From left: Douane Gosa, Gianni Goffredo, James Whiteside, Maxfield Haynes and Matthew Poppe in WTF. Yo Poosh, Courtesy Kimberly Giannelli PR.

Real Life Music Video: James Whiteside and Co. Performed at Madonna's Birthday Party Last Weekend

We've always known that Madonna loves dance. After all, the "Queen of Pop" studied at the Martha Graham School in the 1970s. Nevertheless, we were still surprised (and thrilled) to see that she invited James Whiteside to perform at her 61st birthday party in The Hamptons last weekend.


The American Ballet Theatre principal performed the choreography (on pointe!) from the music video for his newest pop hit, WTF, which he released under the moniker, JbDubs in April. Whiteside was joined by four backup dancers: Matthew Poppe, Douane Gosa, Maxfield Haynes and Gianni Goffredo. Catch a clip of the performance below.

Madonna's party took place in the midst of rehearsals for her upcoming Madame X tour. According to Vulture, Madonna was give the name Madame X by Graham herself, after showing up to class each day with a different identity. And of course, we love Madonna's choice of JbDubs song. Of Whiteside's musical oeuvre, WTF most explicitly targets a ballet audience, with lyrics referring to George Balanchine, the Rose Adagio, former New York Times dance critic Alastair Macaulay, Sergei Polunin and much more. Whether or not Madonna's guests understood all of Whiteside's references doesn't seem to matter; we guess they were more than taken with the quintet's precision, attitude and impressive pointe work.

This appearance leaves us wondering if Madonna will give Whiteside and Co. bigger platforms on which to perform. After all, Whiteside is already besties with actress Jennifer Garner, and he toured with pop star Rozzi earlier this year. In the meantime, we're looking forward to seeing Whiteside back onstage at ABT this fall.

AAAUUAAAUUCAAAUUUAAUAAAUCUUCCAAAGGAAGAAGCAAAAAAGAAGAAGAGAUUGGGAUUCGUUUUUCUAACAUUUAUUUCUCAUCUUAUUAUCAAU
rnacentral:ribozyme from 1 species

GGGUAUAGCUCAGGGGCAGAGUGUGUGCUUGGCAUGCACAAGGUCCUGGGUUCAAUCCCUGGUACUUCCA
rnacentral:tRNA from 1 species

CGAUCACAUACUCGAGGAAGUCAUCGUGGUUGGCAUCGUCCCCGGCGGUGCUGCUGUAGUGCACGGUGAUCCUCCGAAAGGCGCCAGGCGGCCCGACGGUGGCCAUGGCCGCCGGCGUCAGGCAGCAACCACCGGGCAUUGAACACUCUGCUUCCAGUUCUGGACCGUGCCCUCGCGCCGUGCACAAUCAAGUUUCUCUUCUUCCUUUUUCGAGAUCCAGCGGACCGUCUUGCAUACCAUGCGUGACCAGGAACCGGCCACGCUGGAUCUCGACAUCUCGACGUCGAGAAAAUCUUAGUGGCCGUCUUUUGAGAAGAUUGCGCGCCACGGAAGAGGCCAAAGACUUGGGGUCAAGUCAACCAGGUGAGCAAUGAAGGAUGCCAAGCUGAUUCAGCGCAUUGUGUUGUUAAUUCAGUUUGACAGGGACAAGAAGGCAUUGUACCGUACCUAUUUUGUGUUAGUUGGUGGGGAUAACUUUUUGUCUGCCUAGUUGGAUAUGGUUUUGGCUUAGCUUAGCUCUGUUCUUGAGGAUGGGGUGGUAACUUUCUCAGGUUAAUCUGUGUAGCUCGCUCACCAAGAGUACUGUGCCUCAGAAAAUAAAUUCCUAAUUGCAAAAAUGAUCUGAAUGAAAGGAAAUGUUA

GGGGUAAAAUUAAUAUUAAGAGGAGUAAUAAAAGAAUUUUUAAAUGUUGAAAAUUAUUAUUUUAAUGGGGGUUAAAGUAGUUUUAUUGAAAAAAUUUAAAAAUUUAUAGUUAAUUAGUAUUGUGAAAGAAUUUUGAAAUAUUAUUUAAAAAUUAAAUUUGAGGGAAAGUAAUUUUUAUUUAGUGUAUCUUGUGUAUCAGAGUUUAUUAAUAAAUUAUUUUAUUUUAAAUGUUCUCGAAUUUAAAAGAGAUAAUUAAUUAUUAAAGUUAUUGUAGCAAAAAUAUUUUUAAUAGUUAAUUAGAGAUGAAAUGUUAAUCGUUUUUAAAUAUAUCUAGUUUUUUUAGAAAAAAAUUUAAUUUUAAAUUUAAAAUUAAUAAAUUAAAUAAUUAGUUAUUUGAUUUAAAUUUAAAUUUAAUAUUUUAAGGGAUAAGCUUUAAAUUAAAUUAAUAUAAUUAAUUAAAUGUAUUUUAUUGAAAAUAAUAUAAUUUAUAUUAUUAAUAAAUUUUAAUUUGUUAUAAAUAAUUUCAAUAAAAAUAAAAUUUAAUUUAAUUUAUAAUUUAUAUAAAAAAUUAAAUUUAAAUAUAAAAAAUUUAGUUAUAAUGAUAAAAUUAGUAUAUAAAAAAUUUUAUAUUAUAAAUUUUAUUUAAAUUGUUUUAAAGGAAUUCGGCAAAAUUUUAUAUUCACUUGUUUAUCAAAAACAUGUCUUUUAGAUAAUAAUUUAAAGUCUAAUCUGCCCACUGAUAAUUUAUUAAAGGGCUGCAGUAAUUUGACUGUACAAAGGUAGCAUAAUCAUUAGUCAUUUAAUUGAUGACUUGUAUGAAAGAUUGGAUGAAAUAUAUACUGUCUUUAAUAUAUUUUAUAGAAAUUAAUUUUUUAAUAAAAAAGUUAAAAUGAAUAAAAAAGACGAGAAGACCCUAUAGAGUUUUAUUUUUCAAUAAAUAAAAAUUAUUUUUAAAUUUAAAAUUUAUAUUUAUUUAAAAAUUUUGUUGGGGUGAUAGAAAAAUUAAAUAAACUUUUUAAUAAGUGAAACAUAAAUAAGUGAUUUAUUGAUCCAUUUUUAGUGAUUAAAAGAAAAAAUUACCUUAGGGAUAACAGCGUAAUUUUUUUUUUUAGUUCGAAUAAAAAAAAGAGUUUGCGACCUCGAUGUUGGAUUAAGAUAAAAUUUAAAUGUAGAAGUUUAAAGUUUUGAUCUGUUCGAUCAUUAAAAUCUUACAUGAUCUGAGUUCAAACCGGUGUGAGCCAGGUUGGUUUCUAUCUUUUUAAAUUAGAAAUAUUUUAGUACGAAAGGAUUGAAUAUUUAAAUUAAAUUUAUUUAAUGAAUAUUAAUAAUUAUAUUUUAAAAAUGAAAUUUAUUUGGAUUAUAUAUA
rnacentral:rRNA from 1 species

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Luke Isley, Courtesy Ballet West

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In 2007, Oregon Ballet Theatre asked Nicolo Fonte to choreograph a ballet to Maurice Ravel's Boléro. "I said, 'No way. I'm not going near it,' " recalls Fonte. "I don't want to compete with the Béjart version, ice skaters or the movie 10. No, no, no!"

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And there are reasons for their popularity. Some were commissioned specifically for dance: Rite and Firebird for Diaghilev's Ballets Russes; Boléro for dance diva Ida Rubinstein's post–Ballets Russes troupe. Hypnotic rhythms (Arvo Pärt's Spiegel im Spiegel) and danceable melodies (Bizet's Carmen) make a case for physical eye candy. Audience familiarity can also help box office receipts. Still, many choreographers have been sabotaged by the formidable nature and Muzak-y overuse of these iconic compositions.

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